If you can get enough per diem hours to support yourself, I think you might be happier. You sound miserably sad and afraid and full of resentment.

    I hope you told the gal asking you to translate what you told us. Sounds like you work with unhappy people.
  3. by   JenFad
    Quote from Kooky Korky
    Sounds like you work with unhappy people.
    There are many miserable people in the workplace. I think unhappy people should fake it (being happy) until they make it or get something to be happy about.
  4. by   RNinDM
    Stick it out while looking for another job, but really look and look hard. I stuck it out in a place that treated me miserably and the stress became too much. I started having anxiety attacks. Felt that my co-workers in a department and hospital were out to get me - and guess what - they were. Bunch of nasty people. There are some wonderful, amazing people in nursing, but there are some that are just snakes. Get another job and then go back to school to get your RN, you'll have more options. Hang in there and I hope that you get in somewhere with a good crew.
  5. by   Helluvanurse
    Quote from wolf9653
    Unfortunately, I think many places that hire new grads, do it because they can't get anybody else. Which, of course, is exactly the polar opposite of what a new grad needs. Hang in there, keep trying. Nursing needs you.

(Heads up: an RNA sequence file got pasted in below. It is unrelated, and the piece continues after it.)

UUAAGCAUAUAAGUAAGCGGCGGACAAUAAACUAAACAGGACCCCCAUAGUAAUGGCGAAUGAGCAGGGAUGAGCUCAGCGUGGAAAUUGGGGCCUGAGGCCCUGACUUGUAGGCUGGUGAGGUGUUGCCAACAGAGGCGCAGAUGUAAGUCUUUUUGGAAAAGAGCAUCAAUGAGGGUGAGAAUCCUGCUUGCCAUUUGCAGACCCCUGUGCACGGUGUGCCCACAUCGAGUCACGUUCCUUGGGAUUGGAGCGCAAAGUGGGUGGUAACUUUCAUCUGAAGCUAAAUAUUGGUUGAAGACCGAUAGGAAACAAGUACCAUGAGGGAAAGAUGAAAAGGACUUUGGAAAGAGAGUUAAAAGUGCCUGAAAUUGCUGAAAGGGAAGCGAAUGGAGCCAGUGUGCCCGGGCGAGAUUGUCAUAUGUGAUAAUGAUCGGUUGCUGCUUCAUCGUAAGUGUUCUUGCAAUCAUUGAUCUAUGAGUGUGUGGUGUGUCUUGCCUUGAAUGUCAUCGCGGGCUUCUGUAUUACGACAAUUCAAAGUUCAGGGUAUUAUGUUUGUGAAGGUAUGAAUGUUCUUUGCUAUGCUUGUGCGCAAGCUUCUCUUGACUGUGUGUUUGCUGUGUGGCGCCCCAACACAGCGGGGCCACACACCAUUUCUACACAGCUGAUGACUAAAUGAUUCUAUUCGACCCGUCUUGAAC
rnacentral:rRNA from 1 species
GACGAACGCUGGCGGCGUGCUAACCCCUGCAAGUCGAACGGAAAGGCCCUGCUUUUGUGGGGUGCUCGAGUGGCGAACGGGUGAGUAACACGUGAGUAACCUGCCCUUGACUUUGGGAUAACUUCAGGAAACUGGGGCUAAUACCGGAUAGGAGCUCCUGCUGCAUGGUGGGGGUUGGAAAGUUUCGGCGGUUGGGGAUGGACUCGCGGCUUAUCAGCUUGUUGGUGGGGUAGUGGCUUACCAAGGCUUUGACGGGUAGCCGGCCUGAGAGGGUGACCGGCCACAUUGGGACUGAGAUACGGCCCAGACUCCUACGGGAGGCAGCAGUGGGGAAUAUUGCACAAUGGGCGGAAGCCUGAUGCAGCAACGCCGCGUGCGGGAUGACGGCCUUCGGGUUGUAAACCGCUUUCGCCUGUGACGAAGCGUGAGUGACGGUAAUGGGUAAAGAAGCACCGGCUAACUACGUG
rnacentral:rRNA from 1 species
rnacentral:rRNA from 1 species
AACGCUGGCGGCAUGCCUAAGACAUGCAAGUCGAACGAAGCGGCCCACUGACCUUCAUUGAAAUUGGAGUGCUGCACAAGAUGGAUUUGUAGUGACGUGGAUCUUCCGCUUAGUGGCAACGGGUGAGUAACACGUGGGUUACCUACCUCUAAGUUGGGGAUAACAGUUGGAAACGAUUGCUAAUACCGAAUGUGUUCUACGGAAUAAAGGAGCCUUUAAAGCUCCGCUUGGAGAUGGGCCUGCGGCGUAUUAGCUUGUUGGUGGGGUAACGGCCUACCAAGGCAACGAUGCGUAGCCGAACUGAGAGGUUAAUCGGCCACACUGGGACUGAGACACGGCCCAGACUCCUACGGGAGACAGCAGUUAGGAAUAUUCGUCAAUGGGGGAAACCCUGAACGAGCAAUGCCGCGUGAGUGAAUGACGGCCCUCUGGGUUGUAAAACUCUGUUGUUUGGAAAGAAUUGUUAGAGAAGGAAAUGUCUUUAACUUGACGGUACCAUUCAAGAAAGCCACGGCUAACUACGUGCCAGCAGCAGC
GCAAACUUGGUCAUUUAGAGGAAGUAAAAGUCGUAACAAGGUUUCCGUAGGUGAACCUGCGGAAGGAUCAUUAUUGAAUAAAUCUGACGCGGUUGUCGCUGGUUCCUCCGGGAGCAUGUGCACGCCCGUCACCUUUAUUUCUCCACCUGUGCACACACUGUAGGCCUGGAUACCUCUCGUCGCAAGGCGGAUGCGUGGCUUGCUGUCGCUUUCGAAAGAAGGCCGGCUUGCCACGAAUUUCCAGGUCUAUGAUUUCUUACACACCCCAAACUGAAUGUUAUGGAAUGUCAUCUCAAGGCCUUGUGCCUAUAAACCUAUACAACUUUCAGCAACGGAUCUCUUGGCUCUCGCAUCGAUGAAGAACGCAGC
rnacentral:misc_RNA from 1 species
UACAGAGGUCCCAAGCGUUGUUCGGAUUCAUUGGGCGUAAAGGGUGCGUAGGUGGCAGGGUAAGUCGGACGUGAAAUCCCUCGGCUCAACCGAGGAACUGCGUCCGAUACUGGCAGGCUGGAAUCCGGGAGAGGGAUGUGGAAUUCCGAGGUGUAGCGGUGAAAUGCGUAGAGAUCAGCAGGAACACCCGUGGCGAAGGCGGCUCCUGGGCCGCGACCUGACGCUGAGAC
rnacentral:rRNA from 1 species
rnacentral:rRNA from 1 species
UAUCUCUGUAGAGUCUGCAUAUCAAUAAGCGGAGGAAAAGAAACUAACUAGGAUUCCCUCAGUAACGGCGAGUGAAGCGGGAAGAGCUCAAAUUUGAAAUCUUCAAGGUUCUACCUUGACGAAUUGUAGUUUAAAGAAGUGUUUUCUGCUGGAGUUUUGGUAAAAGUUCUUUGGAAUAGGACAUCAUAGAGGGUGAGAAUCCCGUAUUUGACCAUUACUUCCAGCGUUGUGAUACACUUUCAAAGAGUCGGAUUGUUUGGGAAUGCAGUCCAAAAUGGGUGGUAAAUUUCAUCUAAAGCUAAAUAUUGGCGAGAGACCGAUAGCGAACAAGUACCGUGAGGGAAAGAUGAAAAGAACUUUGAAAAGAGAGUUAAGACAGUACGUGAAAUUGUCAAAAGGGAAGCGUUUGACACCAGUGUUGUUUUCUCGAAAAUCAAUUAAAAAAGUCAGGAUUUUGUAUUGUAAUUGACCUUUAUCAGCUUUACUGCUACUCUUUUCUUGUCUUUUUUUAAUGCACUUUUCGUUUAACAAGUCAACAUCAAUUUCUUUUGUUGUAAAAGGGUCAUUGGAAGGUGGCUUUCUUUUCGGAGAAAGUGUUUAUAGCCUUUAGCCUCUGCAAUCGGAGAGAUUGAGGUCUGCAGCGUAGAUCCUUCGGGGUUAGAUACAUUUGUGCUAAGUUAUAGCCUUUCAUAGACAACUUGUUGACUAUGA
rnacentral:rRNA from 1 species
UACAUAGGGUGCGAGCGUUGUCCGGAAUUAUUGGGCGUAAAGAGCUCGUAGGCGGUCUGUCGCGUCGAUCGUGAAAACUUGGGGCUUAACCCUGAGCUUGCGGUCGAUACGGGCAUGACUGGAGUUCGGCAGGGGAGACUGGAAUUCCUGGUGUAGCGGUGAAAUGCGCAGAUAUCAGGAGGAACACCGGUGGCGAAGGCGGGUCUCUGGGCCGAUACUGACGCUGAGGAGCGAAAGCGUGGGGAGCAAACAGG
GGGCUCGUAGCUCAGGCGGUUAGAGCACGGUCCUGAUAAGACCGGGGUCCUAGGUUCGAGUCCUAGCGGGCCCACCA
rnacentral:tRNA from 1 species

yes be aware of New Grads Welcome. They are desperate for a warm body. Get skilled nursing or med surg experience before jumping into Nicu. So many people want to jump to the top and then fail. Why would you do with six shifts of training as a new grad? It's not enough. You should have declined the position. That was th test. You weren't ready and those nurses knew it and were showing you. They worked up the ladder to get there.
  6. by   chinny7150
    As a new Grad, I was immediately thrown into a sink or swim situation. I swam, but suffered. There were plenty of outfits that I worked for, some good, some bad. All in all I kept to my Nursing Standards and ethical views. I too was a 3.89 4 year grad, and found reality in Nursing way more different than actual practice. Stick to your guns, PATIENT SAFETY is the most important aspect of your job. Do no harm... If you can perform those 2 functions within a facility you can't go wrong. I have been asked by various DON's to lie, cheat, and perform sub standard care. Stick to your guns... Do what is right despite what you are told what to do. I have had a long career and managed to enjoy my job despite the challenges. Good luck.
  7. by   TraumaKittyRN
    Don't let the excitement of finding your dream job stop you from doing your do diligence. Always put as much time into investigating your potential employer as they would put into you. Take a list of questions with you so you don't forget what to ask in the interview. I have even gone so far as to scope websites they rate hospitals and regularly show up early for an interview to walk around the hospital. Ask for a wall around the unit you will be working in if they don't offer it, take time to look at the people working. Are they working in teams or is everyone off in their own corner? Do people look happy? Do they interact with you even if it's making eye contact or do they avoid you? Never accept a job on the spot either, take the time to go home and think overt how you feel about everything you saw. Above all remember you ARE a commodity, don't get trapped into believing that they are doing you a favor, you have something they want so remember to be very sure you're being valued properly. Hope that helps